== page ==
DOVE CREEK PRESS … Living in the upper watershed of the San Miguel River, our newspapers have a very hip upscale look separating us from this more traditional rural weekly. And the prevailing community attitudes and op-ed spins are often diametrically opposed … I’ve written about Linda and Doug Funk’s DoveCreek Press. The newspaper serves the county seat of Dolores County, our neighbor to the southwest (Rico having once been the county seat, until dryland farmers and uranium miners wrested it away from hard rock mining-camp-gone-bust holdouts back in the Fifties). Folks over in San Juan County, Utah (Blanding and Monticello) read it. The Press also serves as local news organ for San Miguel County’s far West End: Egnar, Slick Rock, Disappointment Valley -- all of it located in the Dolores River watershed and San Miguel County Commissioner District #3 … I subscribe. It helps keep me in touch with all the different perspectives that make up citizen views in my bifurcated constituency. And last week’s issue couldn’t have showcased those differences more.
|Gunnison Sage Grouse|
SAGE GROUSE LISTING … Usually sporting a local snapshot of some rural landscape scene, the Funks’ front page for Feb. 21st featured a color (rare) map of proposed U.S. Fish & Wildlife’s Gunnison Sage Grouse Critical Habitat – both occupied (40,000 acres) and potential (108,000 acres). The front page headline, below the fold, told the story: “County hires experts to fight sage grouse designation as endangered” … Dr. Rob Ramey was granted a $6,000 contract to help oppose listing, and “a GPS company” $5,000. Here’s some direct quotes from Doug Funk’s article … Commissioners lamented over the fact that Dove Creek/Monticello has few birds but a huge area of critical habitat… [County Attorney Dennis] Golbricht said he talked to a big wig in Kinder Morgan and was told that if sage grouse are designated endangered, drilling in Dolores County will cease … “Without oil and gas and farming, we’re done,” said [Commission Chair Doug] Stowe …As I understand it, some sixty percent of Dolores County revenue comes from oil & gas extraction. Depending on how the U.S. Fish & Wildlife Service meshes with local farmers and how much truth there is in Golbricht’s rumor, listing could shut things down in Dolores County worse than the Bush-era Banking Collapse … In the Letters to the Editor section, Corinne Roring of San Juan County (UT) explains how her family has for years tried to protect the grouse, never killing them, and how they’ve worked with Utah Fish & Game to transform their windmill into a solar bird watering facility. But she believes, like many farmers and ranchers, that predation is the root cause of grouse declines. Roring writes, “It is a losing battle if the Fish and Game does not manage the predators, especially the raptors, with eagles at the top of the list.”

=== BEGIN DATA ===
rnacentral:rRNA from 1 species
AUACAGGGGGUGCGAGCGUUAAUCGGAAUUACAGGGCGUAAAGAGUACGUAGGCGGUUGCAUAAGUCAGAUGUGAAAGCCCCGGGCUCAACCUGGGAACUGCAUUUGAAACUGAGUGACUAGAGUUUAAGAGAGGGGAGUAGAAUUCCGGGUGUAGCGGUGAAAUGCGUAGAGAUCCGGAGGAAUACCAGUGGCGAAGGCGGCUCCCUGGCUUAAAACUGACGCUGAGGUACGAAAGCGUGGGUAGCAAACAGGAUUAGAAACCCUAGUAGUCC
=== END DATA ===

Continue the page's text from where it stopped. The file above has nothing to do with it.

SHERIFF’S PERSPECTIVE … An occasional columnist, Dolores County Sheriff Jerry Martin weighs in, later in the paper, on gun control … “I am sure the potential terrorists will only show up with weapons and ammunition clips allowed under the new law. This makes about as much sense as buying a guard dog and then having his teeth extracted” … “Chicago and Washington D.C. have some of the most restrictive gun laws in the nation and also lead the nation in homicides. Is there a lesson to be learned here?” … “I support the recent decision by the school board to designate select school employees as school source and protection employees and will work closely with them to see that they are trained and able to respond.”
FRONT PAGE NEWS … One of my favorite regular features (along with Doug Funk’s own rural life column, Phunque’s Desk) is this summary of regional stories from newspapers in other communities. Telluride doesn’t make it very often, but the Cortez Journal, Dolores Star, San Miguel Basin Forum, Pine River Times (Bayfield), the Palisade Tribune, and the San Juan Record (Monticello) are all regulars … Here’s the Funks’ take on a Record story: … “Sally Jewell has been nominated to replace Secretary of Interior Ken Salazar. San Juan County residents fear she may be in favor of more National Monument designations.”